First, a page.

Current Thoracic Surgery 2019 , Vol 4 , Num 2
How to remove giant mediastinal goiter from left to right?
Yucel Akkas1,Barış Hekimoğlu1,Büşra Özdemir1,Bulent Kocer1,Tanju Tütüncü2
1Department of Thoracic Surgery, Ankara Numune Research and Training Hospital, Ankara, Turkey
2Department of General Surgery, Ankara Numune Research and Training Hospital, Ankara, Turkey
DOI : 10.26663/cts.2019.00016


We present a 57-year-old woman who has a giant mediastinal goiter, which lies down from cervical zone to right posterior mediastinum. On physical examination mediastinal goiter was nonpalpable. Giant mediastinal goiter was removed by right lateral thoracotomy, cervical collar incision and partial sternotomy. Pathology was reported as a multinodular goiter. We cannot perform VATS (video-assisted thoracoscopy) due to tight adhesion of the pleura. With the difference of literature partial sternotomy can be added to the transcervical and lateral thoracotomy approach for ease of removing giant posterior mediastinal goiters which lie down left cervical to the right posterior mediastinum.


Mediastinal goiters are grouped under two main headings which primary and secondary. Primary goiters root in an abnormal embryologic migration of the thyroid anlage. Secondary goiters develop from the descent of the thyroid into the mediastinum. Primary mediastinal goiter’s blood supply is from the mediastinal vessels in spite of this secondary mediastinal goiter’s blood supply from the cervical branch of arteria thyroidea. In the literature, the incidence of substernal goiter is reported between 0.2-45%. Primary mediastinal goiters are quite rare, occurring in less than 1% of all goiters. Secondary mediastinal goiters most commonly grow to anterior mediastinum, just 10-15% of these grow to posterior mediastinum [1].

In this case report, we presented a quite rare giant posterior secondary mediastinal goiter, which lies down left cervical to the right posterior mediastinum and its surgical management.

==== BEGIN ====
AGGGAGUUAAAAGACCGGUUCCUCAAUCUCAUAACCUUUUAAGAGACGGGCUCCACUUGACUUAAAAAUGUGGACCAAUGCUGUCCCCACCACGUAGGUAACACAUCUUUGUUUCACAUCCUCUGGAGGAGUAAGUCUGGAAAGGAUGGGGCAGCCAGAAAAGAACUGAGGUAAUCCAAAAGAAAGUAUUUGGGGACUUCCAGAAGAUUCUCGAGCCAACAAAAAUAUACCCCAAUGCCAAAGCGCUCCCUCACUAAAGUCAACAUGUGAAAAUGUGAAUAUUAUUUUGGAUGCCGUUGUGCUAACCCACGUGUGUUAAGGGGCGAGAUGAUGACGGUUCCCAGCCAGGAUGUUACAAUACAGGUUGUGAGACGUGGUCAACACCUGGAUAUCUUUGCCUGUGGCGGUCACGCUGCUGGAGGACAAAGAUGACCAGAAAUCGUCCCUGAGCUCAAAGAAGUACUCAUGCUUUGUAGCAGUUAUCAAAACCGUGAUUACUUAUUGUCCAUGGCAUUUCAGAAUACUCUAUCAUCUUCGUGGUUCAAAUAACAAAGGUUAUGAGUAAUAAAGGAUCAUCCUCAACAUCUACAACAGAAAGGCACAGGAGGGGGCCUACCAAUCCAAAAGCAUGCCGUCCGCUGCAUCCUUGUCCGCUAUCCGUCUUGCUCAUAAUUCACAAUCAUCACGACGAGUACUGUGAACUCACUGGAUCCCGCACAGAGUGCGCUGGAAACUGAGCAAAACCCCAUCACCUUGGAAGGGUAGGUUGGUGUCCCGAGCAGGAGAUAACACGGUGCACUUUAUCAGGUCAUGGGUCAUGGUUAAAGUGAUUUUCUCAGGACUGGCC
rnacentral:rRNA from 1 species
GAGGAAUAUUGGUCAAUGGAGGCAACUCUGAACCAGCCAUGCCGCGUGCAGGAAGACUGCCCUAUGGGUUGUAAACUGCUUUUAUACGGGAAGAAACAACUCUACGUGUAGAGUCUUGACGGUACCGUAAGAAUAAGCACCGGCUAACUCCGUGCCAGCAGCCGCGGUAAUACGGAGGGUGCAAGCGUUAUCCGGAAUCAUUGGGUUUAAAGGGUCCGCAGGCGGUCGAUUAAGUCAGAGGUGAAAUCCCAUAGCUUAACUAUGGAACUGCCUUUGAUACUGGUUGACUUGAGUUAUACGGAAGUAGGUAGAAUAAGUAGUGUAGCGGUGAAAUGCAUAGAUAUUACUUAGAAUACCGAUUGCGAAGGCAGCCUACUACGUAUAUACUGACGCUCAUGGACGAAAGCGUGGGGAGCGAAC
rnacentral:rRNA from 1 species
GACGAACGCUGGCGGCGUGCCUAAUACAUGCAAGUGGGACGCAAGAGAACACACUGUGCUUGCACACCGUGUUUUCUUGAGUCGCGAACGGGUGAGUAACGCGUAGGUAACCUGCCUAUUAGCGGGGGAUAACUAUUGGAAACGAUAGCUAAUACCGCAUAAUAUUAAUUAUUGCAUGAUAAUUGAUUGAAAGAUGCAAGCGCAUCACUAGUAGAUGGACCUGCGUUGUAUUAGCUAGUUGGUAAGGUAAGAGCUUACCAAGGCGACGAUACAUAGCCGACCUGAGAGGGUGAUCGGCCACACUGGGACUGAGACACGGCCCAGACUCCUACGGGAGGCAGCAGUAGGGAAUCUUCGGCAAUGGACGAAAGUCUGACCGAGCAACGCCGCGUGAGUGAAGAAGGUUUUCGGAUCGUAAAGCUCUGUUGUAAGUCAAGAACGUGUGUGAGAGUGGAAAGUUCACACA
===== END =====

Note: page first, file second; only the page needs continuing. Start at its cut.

Case Presentation

A 57-year-old woman presented with dyspnea and dysphagia. On physical examination, there wasn’t any palpable mass on her anterior neck. Thyroid ultrasonography showed that her both thyroid lobes had multiple, variable magnitude and hypoechoic /isoechoic solid nodules. The chest x-ray revealed a homogeneous opacity projecting on the right upper mediastinum. Computed tomography (CT) of the thorax demonstrated a large multinodular goiter, which enlisted in the upper mediastinum laminating the trachea and esophagus and displacing them to the anterior. It was in tight contact with the aortic arch and its left lower pole down into the posterior mediastinum and arrives below the carina (Figures 1a,b).

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Figure 1: The posteroanterior chest x-ray shows the lesion extending to the upper right mediastinum (a), the computed tomography of the thorax shows the goiter extending from the left cervical region to the right upper mediastinum (b), the image of the goiter released from the mediastinum with right lateral thoracotomy (the star shows the mediastinal mass) (c), the excision of the mass by partial sternotomy (the arrow shows the macroscopic view of the mediastinal mass) (d).